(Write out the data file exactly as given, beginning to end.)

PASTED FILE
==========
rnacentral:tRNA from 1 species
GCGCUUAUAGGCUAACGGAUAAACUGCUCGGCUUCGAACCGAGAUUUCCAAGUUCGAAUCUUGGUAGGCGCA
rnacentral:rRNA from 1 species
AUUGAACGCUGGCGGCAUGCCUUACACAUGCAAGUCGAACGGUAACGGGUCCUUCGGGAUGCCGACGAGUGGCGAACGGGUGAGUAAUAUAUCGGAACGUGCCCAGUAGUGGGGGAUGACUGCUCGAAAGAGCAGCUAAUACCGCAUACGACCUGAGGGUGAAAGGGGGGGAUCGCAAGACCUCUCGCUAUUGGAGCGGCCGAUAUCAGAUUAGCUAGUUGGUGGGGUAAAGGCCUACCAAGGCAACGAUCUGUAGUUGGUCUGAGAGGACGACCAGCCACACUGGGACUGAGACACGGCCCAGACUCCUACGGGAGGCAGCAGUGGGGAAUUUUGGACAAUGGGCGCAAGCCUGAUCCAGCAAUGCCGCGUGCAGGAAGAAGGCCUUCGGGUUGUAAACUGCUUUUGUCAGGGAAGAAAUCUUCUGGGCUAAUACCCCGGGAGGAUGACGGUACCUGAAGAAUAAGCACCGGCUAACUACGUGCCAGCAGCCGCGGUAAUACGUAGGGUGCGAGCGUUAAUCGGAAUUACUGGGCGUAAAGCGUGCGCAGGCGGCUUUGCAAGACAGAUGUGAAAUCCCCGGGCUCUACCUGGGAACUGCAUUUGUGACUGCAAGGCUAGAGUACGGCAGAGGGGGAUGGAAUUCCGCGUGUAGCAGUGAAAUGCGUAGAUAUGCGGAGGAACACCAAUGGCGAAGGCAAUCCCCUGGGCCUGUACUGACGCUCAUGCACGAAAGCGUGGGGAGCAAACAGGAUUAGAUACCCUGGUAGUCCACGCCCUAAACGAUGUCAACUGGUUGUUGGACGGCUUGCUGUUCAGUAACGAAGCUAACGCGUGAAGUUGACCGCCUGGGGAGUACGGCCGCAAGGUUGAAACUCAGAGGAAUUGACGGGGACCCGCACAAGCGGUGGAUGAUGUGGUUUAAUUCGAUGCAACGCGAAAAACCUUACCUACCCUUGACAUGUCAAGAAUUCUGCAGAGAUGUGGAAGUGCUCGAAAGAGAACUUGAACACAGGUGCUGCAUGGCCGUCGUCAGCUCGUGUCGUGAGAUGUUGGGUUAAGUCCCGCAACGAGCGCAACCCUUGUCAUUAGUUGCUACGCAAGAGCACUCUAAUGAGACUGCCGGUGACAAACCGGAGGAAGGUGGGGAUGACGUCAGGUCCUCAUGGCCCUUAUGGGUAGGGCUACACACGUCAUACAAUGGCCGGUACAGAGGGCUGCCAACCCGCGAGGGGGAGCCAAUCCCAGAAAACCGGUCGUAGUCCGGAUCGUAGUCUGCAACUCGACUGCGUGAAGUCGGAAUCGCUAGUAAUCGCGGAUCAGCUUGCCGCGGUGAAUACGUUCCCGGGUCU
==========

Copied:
rnacentral:tRNA from 1 species
GCGCUUAUAGGCUAACGGAUAAACUGCUCGGCUUCGAACCGAGAUUUCCAAGUUCGAAUCUUGGUAGGCGCA
rnacentral:rRNA from 1 species
AUUGAACGCUGGCGGCAUGCCUUACACAUGCAAGUCGAACGGUAACGGGUCCUUCGGGAUGCCGACGAGUGGCGAACGGGUGAGUAAUAUAUCGGAACGUGCCCAGUAGUGGGGGAUGACUGCUCGAAAGAGCAGCUAAUACCGCAUACGACCUGAGGGUGAAAGGGGGGGAUCGCAAGACCUCUCGCUAUUGGAGCGGCCGAUAUCAGAUUAGCUAGUUGGUGGGGUAAAGGCCUACCAAGGCAACGAUCUGUAGUUGGUCUGAGAGGACGACCAGCCACACUGGGACUGAGACACGGCCCAGACUCCUACGGGAGGCAGCAGUGGGGAAUUUUGGACAAUGGGCGCAAGCCUGAUCCAGCAAUGCCGCGUGCAGGAAGAAGGCCUUCGGGUUGUAAACUGCUUUUGUCAGGGAAGAAAUCUUCUGGGCUAAUACCCCGGGAGGAUGACGGUACCUGAAGAAUAAGCACCGGCUAACUACGUGCCAGCAGCCGCGGUAAUACGUAGGGUGCGAGCGUUAAUCGGAAUUACUGGGCGUAAAGCGUGCGCAGGCGGCUUUGCAAGACAGAUGUGAAAUCCCCGGGCUCUACCUGGGAACUGCAUUUGUGACUGCAAGGCUAGAGUACGGCAGAGGGGGAUGGAAUUCCGCGUGUAGCAGUGAAAUGCGUAGAUAUGCGGAGGAACACCAAUGGCGAAGGCAAUCCCCUGGGCCUGUACUGACGCUCAUGCACGAAAGCGUGGGGAGCAAACAGGAUUAGAUACCCUGGUAGUCCACGCCCUAAACGAUGUCAACUGGUUGUUGGACGGCUUGCUGUUCAGUAACGAAGCUAACGCGUGAAGUUGACCGCCUGGGGAGUACGGCCGCAAGGUUGAAACUCAGAGGAAUUGACGGGGACCCGCACAAGCGGUGGAUGAUGUGGUUUAAUUCGAUGCAACGCGAAAAACCUUACCUACCCUUGACAUGUCAAGAAUUCUGCAGAGAUGUGGAAGUGCUCGAAAGAGAACUUGAACACAGGUGCUGCAUGGCCGUCGUCAGCUCGUGUCGUGAGAUGUUGGGUUAAGUCCCGCAACGAGCGCAACCCUUGUCAUUAGUUGCUACGCAAGAGCACUCUAAUGAGACUGCCGGUGACAAACCGGAGGAAGGUGGGGAUGACGUCAGGUCCUCAUGGCCCUUAUGGGUAGGGCUACACACGUCAUACAAUGGCCGGUACAGAGGGCUGCCAACCCGCGAGGGGGAGCCAAUCCCAGAAAACCGGUCGUAGUCCGGAUCGUAGUCUGCAACUCGACUGCGUGAAGUCGGAAUCGCUAGUAAUCGCGGAUCAGCUUGCCGCGGUGAAUACGUUCCCGGGUCU